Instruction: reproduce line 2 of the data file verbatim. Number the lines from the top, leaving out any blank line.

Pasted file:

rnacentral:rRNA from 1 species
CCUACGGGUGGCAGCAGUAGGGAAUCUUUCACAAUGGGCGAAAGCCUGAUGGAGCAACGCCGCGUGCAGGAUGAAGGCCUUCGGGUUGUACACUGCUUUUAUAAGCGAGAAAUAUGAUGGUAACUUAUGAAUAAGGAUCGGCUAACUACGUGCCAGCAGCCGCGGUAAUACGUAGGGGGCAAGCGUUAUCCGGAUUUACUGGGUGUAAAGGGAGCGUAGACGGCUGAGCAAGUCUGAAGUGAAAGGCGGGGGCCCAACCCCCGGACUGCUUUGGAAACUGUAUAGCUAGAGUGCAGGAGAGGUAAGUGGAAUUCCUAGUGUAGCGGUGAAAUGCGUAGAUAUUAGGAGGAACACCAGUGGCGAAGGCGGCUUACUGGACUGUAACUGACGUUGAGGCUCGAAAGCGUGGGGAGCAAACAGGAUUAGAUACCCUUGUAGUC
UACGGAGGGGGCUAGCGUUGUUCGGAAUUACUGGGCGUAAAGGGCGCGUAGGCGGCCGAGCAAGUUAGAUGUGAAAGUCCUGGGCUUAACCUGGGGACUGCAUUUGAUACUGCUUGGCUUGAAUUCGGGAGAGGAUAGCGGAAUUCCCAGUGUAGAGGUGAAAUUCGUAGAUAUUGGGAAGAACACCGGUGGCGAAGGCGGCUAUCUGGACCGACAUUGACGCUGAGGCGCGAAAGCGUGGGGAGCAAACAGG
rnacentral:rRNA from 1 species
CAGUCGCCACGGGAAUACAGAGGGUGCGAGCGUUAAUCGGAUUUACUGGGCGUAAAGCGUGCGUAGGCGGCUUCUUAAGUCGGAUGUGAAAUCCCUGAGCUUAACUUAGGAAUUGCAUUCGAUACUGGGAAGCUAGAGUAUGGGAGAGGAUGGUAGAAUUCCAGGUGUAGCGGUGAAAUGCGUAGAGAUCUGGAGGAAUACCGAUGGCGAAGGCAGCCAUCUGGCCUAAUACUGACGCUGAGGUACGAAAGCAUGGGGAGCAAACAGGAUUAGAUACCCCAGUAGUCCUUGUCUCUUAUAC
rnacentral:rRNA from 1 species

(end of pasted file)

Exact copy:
CCUACGGGUGGCAGCAGUAGGGAAUCUUUCACAAUGGGCGAAAGCCUGAUGGAGCAACGCCGCGUGCAGGAUGAAGGCCUUCGGGUUGUACACUGCUUUUAUAAGCGAGAAAUAUGAUGGUAACUUAUGAAUAAGGAUCGGCUAACUACGUGCCAGCAGCCGCGGUAAUACGUAGGGGGCAAGCGUUAUCCGGAUUUACUGGGUGUAAAGGGAGCGUAGACGGCUGAGCAAGUCUGAAGUGAAAGGCGGGGGCCCAACCCCCGGACUGCUUUGGAAACUGUAUAGCUAGAGUGCAGGAGAGGUAAGUGGAAUUCCUAGUGUAGCGGUGAAAUGCGUAGAUAUUAGGAGGAACACCAGUGGCGAAGGCGGCUUACUGGACUGUAACUGACGUUGAGGCUCGAAAGCGUGGGGAGCAAACAGGAUUAGAUACCCUUGUAGUC